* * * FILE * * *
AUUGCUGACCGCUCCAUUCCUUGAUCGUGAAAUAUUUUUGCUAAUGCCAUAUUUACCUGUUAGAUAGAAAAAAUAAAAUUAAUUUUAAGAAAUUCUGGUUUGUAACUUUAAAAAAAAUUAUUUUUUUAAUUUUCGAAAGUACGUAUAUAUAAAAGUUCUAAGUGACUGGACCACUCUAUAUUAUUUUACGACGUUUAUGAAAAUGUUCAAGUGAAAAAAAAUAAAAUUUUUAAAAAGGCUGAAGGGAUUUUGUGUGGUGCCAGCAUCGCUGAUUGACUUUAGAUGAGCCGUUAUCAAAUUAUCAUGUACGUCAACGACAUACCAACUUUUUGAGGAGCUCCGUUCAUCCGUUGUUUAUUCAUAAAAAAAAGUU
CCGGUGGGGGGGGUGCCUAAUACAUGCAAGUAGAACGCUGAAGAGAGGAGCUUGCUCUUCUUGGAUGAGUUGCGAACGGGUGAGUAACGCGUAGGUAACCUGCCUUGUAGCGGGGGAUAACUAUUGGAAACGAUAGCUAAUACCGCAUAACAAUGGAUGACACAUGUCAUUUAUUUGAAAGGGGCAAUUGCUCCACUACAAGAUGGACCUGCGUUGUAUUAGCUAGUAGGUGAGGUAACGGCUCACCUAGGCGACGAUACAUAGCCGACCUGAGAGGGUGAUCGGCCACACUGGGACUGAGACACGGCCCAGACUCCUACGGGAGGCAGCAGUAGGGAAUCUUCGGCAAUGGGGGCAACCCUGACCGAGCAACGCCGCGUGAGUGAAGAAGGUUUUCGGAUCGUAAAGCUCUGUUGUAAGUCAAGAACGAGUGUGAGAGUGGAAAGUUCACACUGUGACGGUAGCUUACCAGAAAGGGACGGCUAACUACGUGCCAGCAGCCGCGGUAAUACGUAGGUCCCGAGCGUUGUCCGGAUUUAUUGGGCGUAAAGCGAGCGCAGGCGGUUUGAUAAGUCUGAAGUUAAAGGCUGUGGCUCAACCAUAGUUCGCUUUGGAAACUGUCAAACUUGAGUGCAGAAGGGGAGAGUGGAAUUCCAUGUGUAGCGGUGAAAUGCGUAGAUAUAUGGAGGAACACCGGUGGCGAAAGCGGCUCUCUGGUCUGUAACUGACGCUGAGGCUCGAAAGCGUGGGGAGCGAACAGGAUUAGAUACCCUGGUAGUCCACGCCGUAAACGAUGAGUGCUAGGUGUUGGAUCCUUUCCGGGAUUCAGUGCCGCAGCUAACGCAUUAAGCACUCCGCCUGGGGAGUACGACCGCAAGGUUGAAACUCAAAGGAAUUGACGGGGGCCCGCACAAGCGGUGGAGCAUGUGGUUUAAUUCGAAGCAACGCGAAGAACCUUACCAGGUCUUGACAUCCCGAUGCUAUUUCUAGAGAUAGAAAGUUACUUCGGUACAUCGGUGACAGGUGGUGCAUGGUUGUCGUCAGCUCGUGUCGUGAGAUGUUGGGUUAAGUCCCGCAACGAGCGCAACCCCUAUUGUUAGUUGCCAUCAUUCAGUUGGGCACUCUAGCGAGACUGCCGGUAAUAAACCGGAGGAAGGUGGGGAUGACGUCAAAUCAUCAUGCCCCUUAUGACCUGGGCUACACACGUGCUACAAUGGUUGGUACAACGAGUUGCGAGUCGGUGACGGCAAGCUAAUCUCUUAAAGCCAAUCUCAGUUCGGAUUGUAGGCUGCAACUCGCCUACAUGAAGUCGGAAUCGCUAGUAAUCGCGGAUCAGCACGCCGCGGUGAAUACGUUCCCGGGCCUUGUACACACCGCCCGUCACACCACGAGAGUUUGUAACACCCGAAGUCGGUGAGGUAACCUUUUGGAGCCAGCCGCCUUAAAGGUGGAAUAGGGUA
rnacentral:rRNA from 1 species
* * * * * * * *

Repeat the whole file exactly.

AUUGCUGACCGCUCCAUUCCUUGAUCGUGAAAUAUUUUUGCUAAUGCCAUAUUUACCUGUUAGAUAGAAAAAAUAAAAUUAAUUUUAAGAAAUUCUGGUUUGUAACUUUAAAAAAAAUUAUUUUUUUAAUUUUCGAAAGUACGUAUAUAUAAAAGUUCUAAGUGACUGGACCACUCUAUAUUAUUUUACGACGUUUAUGAAAAUGUUCAAGUGAAAAAAAAUAAAAUUUUUAAAAAGGCUGAAGGGAUUUUGUGUGGUGCCAGCAUCGCUGAUUGACUUUAGAUGAGCCGUUAUCAAAUUAUCAUGUACGUCAACGACAUACCAACUUUUUGAGGAGCUCCGUUCAUCCGUUGUUUAUUCAUAAAAAAAAGUU
CCGGUGGGGGGGGUGCCUAAUACAUGCAAGUAGAACGCUGAAGAGAGGAGCUUGCUCUUCUUGGAUGAGUUGCGAACGGGUGAGUAACGCGUAGGUAACCUGCCUUGUAGCGGGGGAUAACUAUUGGAAACGAUAGCUAAUACCGCAUAACAAUGGAUGACACAUGUCAUUUAUUUGAAAGGGGCAAUUGCUCCACUACAAGAUGGACCUGCGUUGUAUUAGCUAGUAGGUGAGGUAACGGCUCACCUAGGCGACGAUACAUAGCCGACCUGAGAGGGUGAUCGGCCACACUGGGACUGAGACACGGCCCAGACUCCUACGGGAGGCAGCAGUAGGGAAUCUUCGGCAAUGGGGGCAACCCUGACCGAGCAACGCCGCGUGAGUGAAGAAGGUUUUCGGAUCGUAAAGCUCUGUUGUAAGUCAAGAACGAGUGUGAGAGUGGAAAGUUCACACUGUGACGGUAGCUUACCAGAAAGGGACGGCUAACUACGUGCCAGCAGCCGCGGUAAUACGUAGGUCCCGAGCGUUGUCCGGAUUUAUUGGGCGUAAAGCGAGCGCAGGCGGUUUGAUAAGUCUGAAGUUAAAGGCUGUGGCUCAACCAUAGUUCGCUUUGGAAACUGUCAAACUUGAGUGCAGAAGGGGAGAGUGGAAUUCCAUGUGUAGCGGUGAAAUGCGUAGAUAUAUGGAGGAACACCGGUGGCGAAAGCGGCUCUCUGGUCUGUAACUGACGCUGAGGCUCGAAAGCGUGGGGAGCGAACAGGAUUAGAUACCCUGGUAGUCCACGCCGUAAACGAUGAGUGCUAGGUGUUGGAUCCUUUCCGGGAUUCAGUGCCGCAGCUAACGCAUUAAGCACUCCGCCUGGGGAGUACGACCGCAAGGUUGAAACUCAAAGGAAUUGACGGGGGCCCGCACAAGCGGUGGAGCAUGUGGUUUAAUUCGAAGCAACGCGAAGAACCUUACCAGGUCUUGACAUCCCGAUGCUAUUUCUAGAGAUAGAAAGUUACUUCGGUACAUCGGUGACAGGUGGUGCAUGGUUGUCGUCAGCUCGUGUCGUGAGAUGUUGGGUUAAGUCCCGCAACGAGCGCAACCCCUAUUGUUAGUUGCCAUCAUUCAGUUGGGCACUCUAGCGAGACUGCCGGUAAUAAACCGGAGGAAGGUGGGGAUGACGUCAAAUCAUCAUGCCCCUUAUGACCUGGGCUACACACGUGCUACAAUGGUUGGUACAACGAGUUGCGAGUCGGUGACGGCAAGCUAAUCUCUUAAAGCCAAUCUCAGUUCGGAUUGUAGGCUGCAACUCGCCUACAUGAAGUCGGAAUCGCUAGUAAUCGCGGAUCAGCACGCCGCGGUGAAUACGUUCCCGGGCCUUGUACACACCGCCCGUCACACCACGAGAGUUUGUAACACCCGAAGUCGGUGAGGUAACCUUUUGGAGCCAGCCGCCUUAAAGGUGGAAUAGGGUA
rnacentral:rRNA from 1 species